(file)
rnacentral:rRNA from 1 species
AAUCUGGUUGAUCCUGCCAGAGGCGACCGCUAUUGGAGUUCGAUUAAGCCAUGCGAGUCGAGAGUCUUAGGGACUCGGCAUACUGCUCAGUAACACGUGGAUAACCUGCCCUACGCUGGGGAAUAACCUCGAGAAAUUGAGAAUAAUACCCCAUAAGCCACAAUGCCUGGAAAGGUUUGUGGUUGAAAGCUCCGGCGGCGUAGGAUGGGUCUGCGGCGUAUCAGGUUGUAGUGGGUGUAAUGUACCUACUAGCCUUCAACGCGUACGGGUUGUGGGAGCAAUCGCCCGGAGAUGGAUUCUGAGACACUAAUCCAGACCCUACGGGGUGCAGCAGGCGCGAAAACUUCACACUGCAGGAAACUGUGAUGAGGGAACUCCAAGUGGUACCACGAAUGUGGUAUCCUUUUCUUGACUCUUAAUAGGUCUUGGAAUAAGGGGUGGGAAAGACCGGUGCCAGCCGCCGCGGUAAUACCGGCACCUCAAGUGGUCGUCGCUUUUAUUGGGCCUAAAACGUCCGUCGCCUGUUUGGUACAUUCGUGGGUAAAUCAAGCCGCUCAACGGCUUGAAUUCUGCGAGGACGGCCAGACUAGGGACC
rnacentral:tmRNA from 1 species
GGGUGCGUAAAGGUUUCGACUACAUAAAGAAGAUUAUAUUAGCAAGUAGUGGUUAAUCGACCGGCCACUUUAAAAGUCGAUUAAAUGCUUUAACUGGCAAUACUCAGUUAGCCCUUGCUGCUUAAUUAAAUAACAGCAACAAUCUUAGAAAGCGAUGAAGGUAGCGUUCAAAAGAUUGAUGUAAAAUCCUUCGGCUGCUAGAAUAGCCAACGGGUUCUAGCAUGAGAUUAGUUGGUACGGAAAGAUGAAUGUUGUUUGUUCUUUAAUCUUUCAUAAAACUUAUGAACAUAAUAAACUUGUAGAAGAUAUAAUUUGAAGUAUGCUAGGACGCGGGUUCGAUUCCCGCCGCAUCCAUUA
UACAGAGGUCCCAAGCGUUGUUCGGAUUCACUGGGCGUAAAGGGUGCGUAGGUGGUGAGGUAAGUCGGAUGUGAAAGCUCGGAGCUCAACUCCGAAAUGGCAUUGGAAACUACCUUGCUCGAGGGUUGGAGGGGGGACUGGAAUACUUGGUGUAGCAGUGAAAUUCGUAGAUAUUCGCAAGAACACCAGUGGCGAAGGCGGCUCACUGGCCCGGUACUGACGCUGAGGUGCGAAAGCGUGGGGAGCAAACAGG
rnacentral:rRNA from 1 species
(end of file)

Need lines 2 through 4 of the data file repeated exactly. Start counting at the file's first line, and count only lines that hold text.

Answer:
AAUCUGGUUGAUCCUGCCAGAGGCGACCGCUAUUGGAGUUCGAUUAAGCCAUGCGAGUCGAGAGUCUUAGGGACUCGGCAUACUGCUCAGUAACACGUGGAUAACCUGCCCUACGCUGGGGAAUAACCUCGAGAAAUUGAGAAUAAUACCCCAUAAGCCACAAUGCCUGGAAAGGUUUGUGGUUGAAAGCUCCGGCGGCGUAGGAUGGGUCUGCGGCGUAUCAGGUUGUAGUGGGUGUAAUGUACCUACUAGCCUUCAACGCGUACGGGUUGUGGGAGCAAUCGCCCGGAGAUGGAUUCUGAGACACUAAUCCAGACCCUACGGGGUGCAGCAGGCGCGAAAACUUCACACUGCAGGAAACUGUGAUGAGGGAACUCCAAGUGGUACCACGAAUGUGGUAUCCUUUUCUUGACUCUUAAUAGGUCUUGGAAUAAGGGGUGGGAAAGACCGGUGCCAGCCGCCGCGGUAAUACCGGCACCUCAAGUGGUCGUCGCUUUUAUUGGGCCUAAAACGUCCGUCGCCUGUUUGGUACAUUCGUGGGUAAAUCAAGCCGCUCAACGGCUUGAAUUCUGCGAGGACGGCCAGACUAGGGACC
rnacentral:tmRNA from 1 species
GGGUGCGUAAAGGUUUCGACUACAUAAAGAAGAUUAUAUUAGCAAGUAGUGGUUAAUCGACCGGCCACUUUAAAAGUCGAUUAAAUGCUUUAACUGGCAAUACUCAGUUAGCCCUUGCUGCUUAAUUAAAUAACAGCAACAAUCUUAGAAAGCGAUGAAGGUAGCGUUCAAAAGAUUGAUGUAAAAUCCUUCGGCUGCUAGAAUAGCCAACGGGUUCUAGCAUGAGAUUAGUUGGUACGGAAAGAUGAAUGUUGUUUGUUCUUUAAUCUUUCAUAAAACUUAUGAACAUAAUAAACUUGUAGAAGAUAUAAUUUGAAGUAUGCUAGGACGCGGGUUCGAUUCCCGCCGCAUCCAUUA